... I became a registered voter in West Virginia. Two days after my 18th birthday (because my birthday was on a Saturday that year and the Board of Elections office was closed) I became a true card-carrying American. I could vote and have a say in the running of my country, state, county, and city. I registered as a Democrat and felt like I had truly arrived. It took me over two years after my 16th birthday to attain my driver's license, but by God I was spot on with my voter card.
I don't remember who was running for what in that year's May primary. I do remember voting and working at my local precinct as a clerk. I sat with a thick book containing the names and addresses of all the registered voters in our area and it was my responsibility to look up the person to determine if they were eligible to vote. As a brand-new voter (not to mention 18-year-old) I suddenly felt grown up. Responsible. I had arrived.
Throughout college, I dutifully had my father apply for my absentee ballots. During the 1992 Bush Sr./Clinton election, I remember getting hassled by my Republican sorority sister roommates for my Democratic voter status. I stayed up late the night after my ballot arrived, long past my sisters' bed times, to make my selection in peace. Without them looking over my shoulder, I placed my ballot on a thin piece of Styrofoam and punched the proper holes with my bent paper clip. William Jefferson Clinton received one vote from a 20-year-old out-of-place hillbilly in Georgia. The next morning, my room was plastered in Bush/Quayle campaign signs.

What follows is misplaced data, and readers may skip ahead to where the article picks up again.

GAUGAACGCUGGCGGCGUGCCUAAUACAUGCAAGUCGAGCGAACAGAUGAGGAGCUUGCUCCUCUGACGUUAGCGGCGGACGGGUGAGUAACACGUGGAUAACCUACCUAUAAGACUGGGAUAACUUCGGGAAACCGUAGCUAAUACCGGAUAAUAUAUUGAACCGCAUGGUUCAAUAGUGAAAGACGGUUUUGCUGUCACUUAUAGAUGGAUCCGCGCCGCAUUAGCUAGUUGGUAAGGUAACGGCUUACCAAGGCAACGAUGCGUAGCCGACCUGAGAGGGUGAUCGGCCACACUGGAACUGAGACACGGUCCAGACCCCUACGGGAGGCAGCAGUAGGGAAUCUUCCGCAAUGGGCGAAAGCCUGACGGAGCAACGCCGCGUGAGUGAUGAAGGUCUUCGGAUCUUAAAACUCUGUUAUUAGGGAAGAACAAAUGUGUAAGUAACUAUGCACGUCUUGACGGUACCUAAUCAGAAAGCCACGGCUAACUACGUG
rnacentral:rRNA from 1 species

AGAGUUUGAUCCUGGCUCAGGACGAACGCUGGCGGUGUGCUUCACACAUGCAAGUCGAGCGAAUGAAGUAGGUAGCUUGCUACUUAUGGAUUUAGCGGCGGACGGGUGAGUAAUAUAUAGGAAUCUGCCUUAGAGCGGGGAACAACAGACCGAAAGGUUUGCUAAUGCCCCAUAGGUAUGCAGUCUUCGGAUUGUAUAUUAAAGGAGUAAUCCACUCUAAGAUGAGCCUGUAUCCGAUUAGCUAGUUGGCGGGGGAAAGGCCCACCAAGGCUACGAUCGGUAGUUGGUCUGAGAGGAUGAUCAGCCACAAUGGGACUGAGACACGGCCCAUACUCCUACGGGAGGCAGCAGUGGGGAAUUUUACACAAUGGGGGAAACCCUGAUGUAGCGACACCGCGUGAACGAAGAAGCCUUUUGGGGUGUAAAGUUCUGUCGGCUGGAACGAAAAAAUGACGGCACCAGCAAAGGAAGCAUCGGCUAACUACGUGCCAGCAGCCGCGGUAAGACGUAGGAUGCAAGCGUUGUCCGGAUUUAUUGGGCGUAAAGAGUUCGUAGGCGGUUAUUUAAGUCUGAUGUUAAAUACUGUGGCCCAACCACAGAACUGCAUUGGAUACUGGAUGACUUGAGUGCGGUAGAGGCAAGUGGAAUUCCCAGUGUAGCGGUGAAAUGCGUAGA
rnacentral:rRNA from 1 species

When I permanently moved to Georgia in 1994, my third day at my new home saw me applying for a Georgia driver's license and registering to vote. I found myself three months later staring at a ballot with Newt Gingrich's and Ben Jones's names for U.S. Congress. I voted for neither because I couldn't, in good conscience, vote for a reptile OR a man who played a man named after a woman's anatomy, to represent the good people of Gwinnett county in Congress.
My 16 years of Georgia have been hit and miss. I usually remember to show up at the primary and general elections, but I tend to forget the minor "vote on this bond!" elections. After moving from Cumming to Woodstock in 2000 and forgetting to change my address, I drove 45 minutes to an elementary school in Forsyth county in order to vote in the highly-contested Bush Jr./Gore election. The lines were brutal but it was worth it to have my voice heard. And yes, I voted for the younger Bush that year.
My political leanings have changed in the last 20 years. I've gone from working-man WV Democrat, to Independent, to tentative Republican, to disgruntled Republican, to flaming happy Libertarian. Still, I'm right back where I started - working at an election polling place and voting. I clerked the 2010 Georgia primary and primary run-off at the Rose Creek precinct and I plan on being there for the general election. Instead of a book, I now sit in front of a computer and rather than handing the voter a paper ballot, I give them a card with a chip. Two decades later, I'm still proud to be a registered voter, I continue to be in awe of our democratic process, I grumble when my candidate loses and cheer when he/she wins, and I always make sure to thank the voter across from me for taking time from their day to make their voice heard.
Because we all need encouragement that one decision, one selection does make a difference.